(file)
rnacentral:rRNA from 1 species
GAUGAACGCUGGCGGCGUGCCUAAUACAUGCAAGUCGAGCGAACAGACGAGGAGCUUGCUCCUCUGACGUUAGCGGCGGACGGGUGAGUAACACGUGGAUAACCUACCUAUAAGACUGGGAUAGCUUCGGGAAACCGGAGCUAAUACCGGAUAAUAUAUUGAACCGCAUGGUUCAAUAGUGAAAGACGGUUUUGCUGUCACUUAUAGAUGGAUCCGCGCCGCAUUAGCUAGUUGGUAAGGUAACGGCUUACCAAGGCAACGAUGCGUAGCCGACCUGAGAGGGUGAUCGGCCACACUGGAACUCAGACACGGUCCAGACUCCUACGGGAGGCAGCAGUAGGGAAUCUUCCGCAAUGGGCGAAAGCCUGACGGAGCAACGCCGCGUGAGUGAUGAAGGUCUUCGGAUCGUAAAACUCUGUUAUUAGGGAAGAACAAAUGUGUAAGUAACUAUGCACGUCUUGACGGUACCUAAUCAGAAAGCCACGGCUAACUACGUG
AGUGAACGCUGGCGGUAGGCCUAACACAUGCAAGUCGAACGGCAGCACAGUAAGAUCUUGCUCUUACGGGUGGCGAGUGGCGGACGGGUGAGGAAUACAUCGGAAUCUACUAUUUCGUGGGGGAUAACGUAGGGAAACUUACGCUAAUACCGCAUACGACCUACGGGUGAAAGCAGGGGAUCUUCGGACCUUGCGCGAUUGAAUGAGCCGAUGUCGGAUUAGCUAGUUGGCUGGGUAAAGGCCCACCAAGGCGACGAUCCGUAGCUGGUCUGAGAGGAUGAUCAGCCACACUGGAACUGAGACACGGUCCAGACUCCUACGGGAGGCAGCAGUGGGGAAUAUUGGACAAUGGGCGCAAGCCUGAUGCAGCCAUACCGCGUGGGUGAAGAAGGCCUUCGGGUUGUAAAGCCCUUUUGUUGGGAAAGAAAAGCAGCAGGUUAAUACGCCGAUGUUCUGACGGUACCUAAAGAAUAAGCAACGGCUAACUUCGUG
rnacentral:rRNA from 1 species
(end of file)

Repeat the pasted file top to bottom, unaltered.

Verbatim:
rnacentral:rRNA from 1 species
GAUGAACGCUGGCGGCGUGCCUAAUACAUGCAAGUCGAGCGAACAGACGAGGAGCUUGCUCCUCUGACGUUAGCGGCGGACGGGUGAGUAACACGUGGAUAACCUACCUAUAAGACUGGGAUAGCUUCGGGAAACCGGAGCUAAUACCGGAUAAUAUAUUGAACCGCAUGGUUCAAUAGUGAAAGACGGUUUUGCUGUCACUUAUAGAUGGAUCCGCGCCGCAUUAGCUAGUUGGUAAGGUAACGGCUUACCAAGGCAACGAUGCGUAGCCGACCUGAGAGGGUGAUCGGCCACACUGGAACUCAGACACGGUCCAGACUCCUACGGGAGGCAGCAGUAGGGAAUCUUCCGCAAUGGGCGAAAGCCUGACGGAGCAACGCCGCGUGAGUGAUGAAGGUCUUCGGAUCGUAAAACUCUGUUAUUAGGGAAGAACAAAUGUGUAAGUAACUAUGCACGUCUUGACGGUACCUAAUCAGAAAGCCACGGCUAACUACGUG
AGUGAACGCUGGCGGUAGGCCUAACACAUGCAAGUCGAACGGCAGCACAGUAAGAUCUUGCUCUUACGGGUGGCGAGUGGCGGACGGGUGAGGAAUACAUCGGAAUCUACUAUUUCGUGGGGGAUAACGUAGGGAAACUUACGCUAAUACCGCAUACGACCUACGGGUGAAAGCAGGGGAUCUUCGGACCUUGCGCGAUUGAAUGAGCCGAUGUCGGAUUAGCUAGUUGGCUGGGUAAAGGCCCACCAAGGCGACGAUCCGUAGCUGGUCUGAGAGGAUGAUCAGCCACACUGGAACUGAGACACGGUCCAGACUCCUACGGGAGGCAGCAGUGGGGAAUAUUGGACAAUGGGCGCAAGCCUGAUGCAGCCAUACCGCGUGGGUGAAGAAGGCCUUCGGGUUGUAAAGCCCUUUUGUUGGGAAAGAAAAGCAGCAGGUUAAUACGCCGAUGUUCUGACGGUACCUAAAGAAUAAGCAACGGCUAACUUCGUG
rnacentral:rRNA from 1 species